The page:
In 2014, he returned to Normandy during the 70th anniversary of the D-Day invasion. He said it was surreal returning to Normandy, seeing for the first time the wide open and mostly empty beaches, which seven decades before was a crowded sight of soldiers, tanks and ships.
The Vets Finding Vets program is supported in part by a grant from the Chautauqua Region Community Foundation. The program, which was started Veterans Day 2014 allows free access to the Fenton Research Center for veterans, active military and reservists. It allows the veterans to use the research facility, resources and assistance to begin or further their family history search, locate old service comrades or to help the volunteer research staff to collect information regarding the soldiers buried in Chautauqua County cemeteries. The veterans in the program are encouraged to contribute their military record, photographs and memories of their service so they will be preserved and shared.
The Vets Finding Vets program plans to present up to four Veterans stories each year to further share the local history of local veterans. Anyone interested in joining the program is encouraged to call program manager Barbara Cessna at the Fenton History Center at 664-6256 or email firstname.lastname@example.org.
Vietnam Wall of Faces By Barb Cessna, VFV Project Coordinator: Patrick Kavanagh, Historian and Archivist, at Forest Lawn Cemetery in Buffalo, has worked tirelessly with Norman Murray, who had contacted him for help in finishing the eight counties of western NY on the Vietnam Veteran Wall of Faces. Kavanagh contacted the Fenton History CenterC, and has enjoyed the additional research help from members of Vets Finding Vets.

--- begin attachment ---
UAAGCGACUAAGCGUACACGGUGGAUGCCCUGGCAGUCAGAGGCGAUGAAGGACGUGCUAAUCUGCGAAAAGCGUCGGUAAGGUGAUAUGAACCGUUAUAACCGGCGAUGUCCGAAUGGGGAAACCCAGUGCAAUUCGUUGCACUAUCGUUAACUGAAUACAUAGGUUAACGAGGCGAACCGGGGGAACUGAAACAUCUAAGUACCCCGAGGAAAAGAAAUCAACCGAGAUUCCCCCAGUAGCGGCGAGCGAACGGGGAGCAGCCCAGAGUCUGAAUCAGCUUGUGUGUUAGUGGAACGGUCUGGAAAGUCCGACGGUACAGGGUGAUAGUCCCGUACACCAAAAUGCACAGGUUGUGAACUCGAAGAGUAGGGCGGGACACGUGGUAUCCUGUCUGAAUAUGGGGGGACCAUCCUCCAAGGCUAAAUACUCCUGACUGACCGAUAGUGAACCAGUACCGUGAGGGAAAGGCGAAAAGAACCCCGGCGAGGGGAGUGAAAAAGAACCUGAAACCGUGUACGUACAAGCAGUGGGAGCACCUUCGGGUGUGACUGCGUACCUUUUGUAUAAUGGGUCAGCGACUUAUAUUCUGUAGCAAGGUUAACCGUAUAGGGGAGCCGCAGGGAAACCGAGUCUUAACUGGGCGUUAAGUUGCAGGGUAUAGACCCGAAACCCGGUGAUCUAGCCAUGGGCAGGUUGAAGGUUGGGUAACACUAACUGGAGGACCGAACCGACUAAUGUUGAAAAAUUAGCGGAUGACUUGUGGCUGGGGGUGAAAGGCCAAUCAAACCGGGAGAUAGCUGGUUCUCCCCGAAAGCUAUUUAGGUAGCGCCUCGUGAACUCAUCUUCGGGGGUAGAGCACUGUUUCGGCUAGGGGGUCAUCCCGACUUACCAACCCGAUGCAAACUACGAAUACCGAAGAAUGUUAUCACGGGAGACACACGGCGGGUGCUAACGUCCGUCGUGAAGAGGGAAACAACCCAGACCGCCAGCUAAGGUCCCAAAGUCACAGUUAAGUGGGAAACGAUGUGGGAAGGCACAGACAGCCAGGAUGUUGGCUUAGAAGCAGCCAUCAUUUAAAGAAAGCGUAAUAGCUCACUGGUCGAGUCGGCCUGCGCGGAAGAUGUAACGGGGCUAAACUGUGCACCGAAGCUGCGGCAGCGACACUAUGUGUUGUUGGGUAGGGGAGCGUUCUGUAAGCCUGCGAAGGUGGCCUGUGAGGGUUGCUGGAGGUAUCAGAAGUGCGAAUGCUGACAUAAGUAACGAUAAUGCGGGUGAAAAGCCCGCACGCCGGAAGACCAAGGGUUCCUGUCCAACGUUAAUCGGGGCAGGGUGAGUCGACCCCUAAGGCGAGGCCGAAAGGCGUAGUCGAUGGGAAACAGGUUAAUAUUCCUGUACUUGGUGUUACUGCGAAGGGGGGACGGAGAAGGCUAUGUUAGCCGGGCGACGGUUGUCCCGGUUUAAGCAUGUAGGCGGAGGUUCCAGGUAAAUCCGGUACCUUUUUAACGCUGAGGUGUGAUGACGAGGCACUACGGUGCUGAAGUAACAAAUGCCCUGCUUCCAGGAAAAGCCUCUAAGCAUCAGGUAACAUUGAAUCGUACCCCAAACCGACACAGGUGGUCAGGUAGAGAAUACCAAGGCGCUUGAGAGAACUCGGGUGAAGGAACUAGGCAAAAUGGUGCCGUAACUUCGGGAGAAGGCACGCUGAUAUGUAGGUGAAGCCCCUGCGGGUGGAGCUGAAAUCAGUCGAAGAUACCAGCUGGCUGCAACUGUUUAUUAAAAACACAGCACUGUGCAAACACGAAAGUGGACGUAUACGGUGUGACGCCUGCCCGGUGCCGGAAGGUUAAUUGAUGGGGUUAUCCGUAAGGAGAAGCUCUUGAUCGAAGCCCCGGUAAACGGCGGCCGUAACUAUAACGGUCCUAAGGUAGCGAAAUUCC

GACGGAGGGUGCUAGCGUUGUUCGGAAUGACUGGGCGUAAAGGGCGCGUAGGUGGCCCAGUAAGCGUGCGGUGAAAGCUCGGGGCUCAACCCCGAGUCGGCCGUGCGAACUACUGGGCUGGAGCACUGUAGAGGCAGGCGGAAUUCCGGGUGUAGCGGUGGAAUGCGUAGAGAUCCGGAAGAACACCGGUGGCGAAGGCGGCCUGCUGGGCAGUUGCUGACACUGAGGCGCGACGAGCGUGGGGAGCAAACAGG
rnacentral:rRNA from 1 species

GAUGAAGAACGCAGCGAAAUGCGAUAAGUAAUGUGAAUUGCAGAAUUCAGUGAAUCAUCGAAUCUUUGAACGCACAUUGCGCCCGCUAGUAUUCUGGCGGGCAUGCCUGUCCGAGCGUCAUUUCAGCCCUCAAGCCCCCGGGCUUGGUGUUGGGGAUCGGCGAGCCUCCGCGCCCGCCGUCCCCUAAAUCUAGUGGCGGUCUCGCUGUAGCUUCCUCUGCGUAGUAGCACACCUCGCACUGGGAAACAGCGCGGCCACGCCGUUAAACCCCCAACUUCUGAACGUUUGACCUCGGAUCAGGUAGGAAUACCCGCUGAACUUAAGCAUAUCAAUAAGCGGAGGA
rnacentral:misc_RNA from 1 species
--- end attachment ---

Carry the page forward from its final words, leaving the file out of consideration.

VFV Project Coordinator Barb Cessna assured Kavanagh the group would be honored to focus on the three soldiers to help them finish the western NY portion of the Wall of Faces. Many phone calls and much online research, plus timely newspaper articles, social media, the Local Jamestown Chapter #865 of Vietnam Veterans of America, Sunset Hill Cemetery, and many interested people in the community have produced the desired goal.
Photos and information have yet to been found for Dahl LaPorte, Nicholas Ligammari (information has since been found on Ligammari), and Charles Thielges, as well as several others. We are, however, still in search of head and shoulder or full body photos of Dahl LaPorte and Charles Thielges.
Kavanagh was thankful enough to drive to Jamestown early one morning to deliver a gift to those who would make it accessible to the public. He explained that as a Vietnam Veteran himself, he is committed to making sure these men and women and their sacrifice will never be forgotten. Twenty years ago he began collecting photos, obituaries, stories, military background, anything that helps define that person. He has compiled many bios from the fallen men and one woman (532) in the eight counties of western NY, and bound them in a large notebook.
He has titled this work “In Remembrance Of”. His connection to Forest Lawn Cemetery makes it possible for anyone to access the notebook info online at Forest-lawn.com Click on “Honoring Vietnam Veterans Killed in Action. Immediately after Kavanagh’s video, you will see an alphabetical list of names. By clicking on each name, you can see each item for that name which is in the notebook. He has emphasized that the project is not yet complete, as there are still a few he seeks. His info is included on the Wall of Faces (www.vvmf.org/wall-of-faces).